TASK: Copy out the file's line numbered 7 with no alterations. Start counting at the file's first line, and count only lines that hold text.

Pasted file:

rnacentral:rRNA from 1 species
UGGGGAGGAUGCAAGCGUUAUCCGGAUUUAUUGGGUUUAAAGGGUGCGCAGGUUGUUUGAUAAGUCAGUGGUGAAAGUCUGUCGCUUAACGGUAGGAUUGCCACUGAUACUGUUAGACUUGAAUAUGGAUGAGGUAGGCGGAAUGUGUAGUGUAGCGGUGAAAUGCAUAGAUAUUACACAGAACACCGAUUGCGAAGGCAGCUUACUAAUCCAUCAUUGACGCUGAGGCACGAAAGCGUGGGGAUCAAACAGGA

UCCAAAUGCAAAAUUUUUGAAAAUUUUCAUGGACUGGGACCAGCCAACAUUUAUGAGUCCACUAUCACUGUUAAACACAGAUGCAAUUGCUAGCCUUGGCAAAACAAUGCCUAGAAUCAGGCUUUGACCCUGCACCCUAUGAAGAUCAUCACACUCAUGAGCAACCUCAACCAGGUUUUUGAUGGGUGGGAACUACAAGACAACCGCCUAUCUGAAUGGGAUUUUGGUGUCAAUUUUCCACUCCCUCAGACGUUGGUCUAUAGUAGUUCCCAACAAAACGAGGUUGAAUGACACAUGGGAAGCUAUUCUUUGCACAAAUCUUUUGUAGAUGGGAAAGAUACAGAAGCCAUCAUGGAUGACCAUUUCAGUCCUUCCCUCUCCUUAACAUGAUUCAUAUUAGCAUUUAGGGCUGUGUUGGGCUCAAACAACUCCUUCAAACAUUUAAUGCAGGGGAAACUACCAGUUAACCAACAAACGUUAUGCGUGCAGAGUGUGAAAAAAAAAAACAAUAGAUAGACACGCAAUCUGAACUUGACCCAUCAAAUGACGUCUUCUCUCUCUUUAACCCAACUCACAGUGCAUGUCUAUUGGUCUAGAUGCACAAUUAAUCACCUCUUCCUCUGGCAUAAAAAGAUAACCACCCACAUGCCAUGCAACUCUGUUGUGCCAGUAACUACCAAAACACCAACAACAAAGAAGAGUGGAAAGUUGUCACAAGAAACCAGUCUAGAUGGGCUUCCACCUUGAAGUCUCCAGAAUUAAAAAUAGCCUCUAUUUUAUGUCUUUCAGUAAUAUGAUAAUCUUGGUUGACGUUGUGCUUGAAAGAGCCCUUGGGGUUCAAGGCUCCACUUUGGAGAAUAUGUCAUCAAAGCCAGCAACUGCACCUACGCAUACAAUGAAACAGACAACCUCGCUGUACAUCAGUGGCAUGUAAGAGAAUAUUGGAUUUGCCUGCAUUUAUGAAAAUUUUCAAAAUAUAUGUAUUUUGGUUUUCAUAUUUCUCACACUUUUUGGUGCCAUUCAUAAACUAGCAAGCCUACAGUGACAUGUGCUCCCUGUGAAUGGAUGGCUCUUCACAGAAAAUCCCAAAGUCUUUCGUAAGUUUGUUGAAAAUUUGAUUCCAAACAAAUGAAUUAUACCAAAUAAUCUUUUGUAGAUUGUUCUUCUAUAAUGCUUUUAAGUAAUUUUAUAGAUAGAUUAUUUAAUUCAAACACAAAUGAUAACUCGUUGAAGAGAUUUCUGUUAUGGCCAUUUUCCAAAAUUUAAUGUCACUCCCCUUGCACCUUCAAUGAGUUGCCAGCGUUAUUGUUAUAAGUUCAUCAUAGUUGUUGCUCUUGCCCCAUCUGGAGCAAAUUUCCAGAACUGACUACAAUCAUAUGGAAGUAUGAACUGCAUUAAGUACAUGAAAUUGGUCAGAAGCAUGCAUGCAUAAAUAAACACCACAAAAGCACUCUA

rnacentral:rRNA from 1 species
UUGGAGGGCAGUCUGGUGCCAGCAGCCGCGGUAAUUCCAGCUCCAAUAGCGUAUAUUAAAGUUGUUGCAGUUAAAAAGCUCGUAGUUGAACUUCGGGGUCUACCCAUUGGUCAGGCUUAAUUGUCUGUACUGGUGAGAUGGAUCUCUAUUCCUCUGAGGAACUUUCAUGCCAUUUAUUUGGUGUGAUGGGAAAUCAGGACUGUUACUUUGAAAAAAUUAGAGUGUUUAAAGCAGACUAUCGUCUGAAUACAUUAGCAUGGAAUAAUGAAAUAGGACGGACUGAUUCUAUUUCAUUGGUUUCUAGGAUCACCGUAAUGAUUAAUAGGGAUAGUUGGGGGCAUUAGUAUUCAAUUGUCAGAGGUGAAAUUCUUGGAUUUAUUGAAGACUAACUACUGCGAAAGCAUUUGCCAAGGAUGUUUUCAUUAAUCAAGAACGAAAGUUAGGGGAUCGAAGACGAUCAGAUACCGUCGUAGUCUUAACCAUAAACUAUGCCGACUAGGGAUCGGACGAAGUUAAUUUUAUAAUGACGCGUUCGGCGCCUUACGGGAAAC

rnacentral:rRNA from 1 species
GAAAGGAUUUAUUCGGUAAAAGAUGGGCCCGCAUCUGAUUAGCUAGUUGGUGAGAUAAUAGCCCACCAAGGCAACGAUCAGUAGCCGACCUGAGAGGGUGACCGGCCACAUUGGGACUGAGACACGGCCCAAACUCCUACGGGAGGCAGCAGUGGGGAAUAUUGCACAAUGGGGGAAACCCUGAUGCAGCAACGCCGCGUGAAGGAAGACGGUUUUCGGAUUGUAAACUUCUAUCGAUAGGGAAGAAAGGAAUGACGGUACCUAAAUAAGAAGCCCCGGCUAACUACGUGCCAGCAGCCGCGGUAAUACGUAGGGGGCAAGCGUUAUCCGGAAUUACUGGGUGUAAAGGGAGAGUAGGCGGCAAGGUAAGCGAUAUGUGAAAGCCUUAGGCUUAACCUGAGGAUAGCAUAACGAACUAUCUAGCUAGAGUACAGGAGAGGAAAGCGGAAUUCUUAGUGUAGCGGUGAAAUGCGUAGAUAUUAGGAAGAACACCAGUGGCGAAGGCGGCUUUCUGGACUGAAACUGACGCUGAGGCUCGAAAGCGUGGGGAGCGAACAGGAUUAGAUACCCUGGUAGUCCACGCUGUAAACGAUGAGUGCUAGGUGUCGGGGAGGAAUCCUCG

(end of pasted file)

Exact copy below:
GAAAGGAUUUAUUCGGUAAAAGAUGGGCCCGCAUCUGAUUAGCUAGUUGGUGAGAUAAUAGCCCACCAAGGCAACGAUCAGUAGCCGACCUGAGAGGGUGACCGGCCACAUUGGGACUGAGACACGGCCCAAACUCCUACGGGAGGCAGCAGUGGGGAAUAUUGCACAAUGGGGGAAACCCUGAUGCAGCAACGCCGCGUGAAGGAAGACGGUUUUCGGAUUGUAAACUUCUAUCGAUAGGGAAGAAAGGAAUGACGGUACCUAAAUAAGAAGCCCCGGCUAACUACGUGCCAGCAGCCGCGGUAAUACGUAGGGGGCAAGCGUUAUCCGGAAUUACUGGGUGUAAAGGGAGAGUAGGCGGCAAGGUAAGCGAUAUGUGAAAGCCUUAGGCUUAACCUGAGGAUAGCAUAACGAACUAUCUAGCUAGAGUACAGGAGAGGAAAGCGGAAUUCUUAGUGUAGCGGUGAAAUGCGUAGAUAUUAGGAAGAACACCAGUGGCGAAGGCGGCUUUCUGGACUGAAACUGACGCUGAGGCUCGAAAGCGUGGGGAGCGAACAGGAUUAGAUACCCUGGUAGUCCACGCUGUAAACGAUGAGUGCUAGGUGUCGGGGAGGAAUCCUCG